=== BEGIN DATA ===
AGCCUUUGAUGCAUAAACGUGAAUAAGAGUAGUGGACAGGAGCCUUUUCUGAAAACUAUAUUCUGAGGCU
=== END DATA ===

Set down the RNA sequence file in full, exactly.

AGCCUUUGAUGCAUAAACGUGAAUAAGAGUAGUGGACAGGAGCCUUUUCUGAAAACUAUAUUCUGAGGCU